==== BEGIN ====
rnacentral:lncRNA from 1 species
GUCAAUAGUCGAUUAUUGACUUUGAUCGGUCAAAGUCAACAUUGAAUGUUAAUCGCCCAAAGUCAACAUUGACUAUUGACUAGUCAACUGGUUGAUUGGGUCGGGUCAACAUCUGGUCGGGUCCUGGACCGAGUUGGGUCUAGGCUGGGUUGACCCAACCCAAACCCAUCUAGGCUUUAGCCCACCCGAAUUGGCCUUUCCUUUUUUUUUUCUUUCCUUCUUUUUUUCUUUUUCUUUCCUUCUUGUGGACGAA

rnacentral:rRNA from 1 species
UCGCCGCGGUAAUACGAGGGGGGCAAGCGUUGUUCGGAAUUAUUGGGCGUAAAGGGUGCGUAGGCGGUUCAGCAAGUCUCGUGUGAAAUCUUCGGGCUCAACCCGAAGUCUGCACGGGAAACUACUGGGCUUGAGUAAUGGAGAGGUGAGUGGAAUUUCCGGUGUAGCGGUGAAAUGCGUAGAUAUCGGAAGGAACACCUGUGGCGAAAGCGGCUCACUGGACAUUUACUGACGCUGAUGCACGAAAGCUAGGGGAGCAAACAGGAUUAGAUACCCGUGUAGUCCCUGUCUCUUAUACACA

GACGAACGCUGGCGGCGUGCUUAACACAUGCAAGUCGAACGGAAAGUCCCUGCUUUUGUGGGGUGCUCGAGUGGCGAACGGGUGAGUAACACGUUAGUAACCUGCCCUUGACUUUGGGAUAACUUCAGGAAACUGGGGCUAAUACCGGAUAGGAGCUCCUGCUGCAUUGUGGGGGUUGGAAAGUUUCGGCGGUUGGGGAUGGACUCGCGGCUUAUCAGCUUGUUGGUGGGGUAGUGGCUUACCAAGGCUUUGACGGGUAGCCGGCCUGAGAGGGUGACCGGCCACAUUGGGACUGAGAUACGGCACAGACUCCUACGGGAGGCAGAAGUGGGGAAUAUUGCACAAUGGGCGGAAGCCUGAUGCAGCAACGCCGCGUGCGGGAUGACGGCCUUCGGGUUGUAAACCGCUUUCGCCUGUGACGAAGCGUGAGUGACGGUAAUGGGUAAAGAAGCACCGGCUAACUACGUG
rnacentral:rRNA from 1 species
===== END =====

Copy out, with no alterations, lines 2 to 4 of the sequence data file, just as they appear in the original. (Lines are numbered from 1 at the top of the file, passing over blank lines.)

GUCAAUAGUCGAUUAUUGACUUUGAUCGGUCAAAGUCAACAUUGAAUGUUAAUCGCCCAAAGUCAACAUUGACUAUUGACUAGUCAACUGGUUGAUUGGGUCGGGUCAACAUCUGGUCGGGUCCUGGACCGAGUUGGGUCUAGGCUGGGUUGACCCAACCCAAACCCAUCUAGGCUUUAGCCCACCCGAAUUGGCCUUUCCUUUUUUUUUUCUUUCCUUCUUUUUUUCUUUUUCUUUCCUUCUUGUGGACGAA

rnacentral:rRNA from 1 species
UCGCCGCGGUAAUACGAGGGGGGCAAGCGUUGUUCGGAAUUAUUGGGCGUAAAGGGUGCGUAGGCGGUUCAGCAAGUCUCGUGUGAAAUCUUCGGGCUCAACCCGAAGUCUGCACGGGAAACUACUGGGCUUGAGUAAUGGAGAGGUGAGUGGAAUUUCCGGUGUAGCGGUGAAAUGCGUAGAUAUCGGAAGGAACACCUGUGGCGAAAGCGGCUCACUGGACAUUUACUGACGCUGAUGCACGAAAGCUAGGGGAGCAAACAGGAUUAGAUACCCGUGUAGUCCCUGUCUCUUAUACACA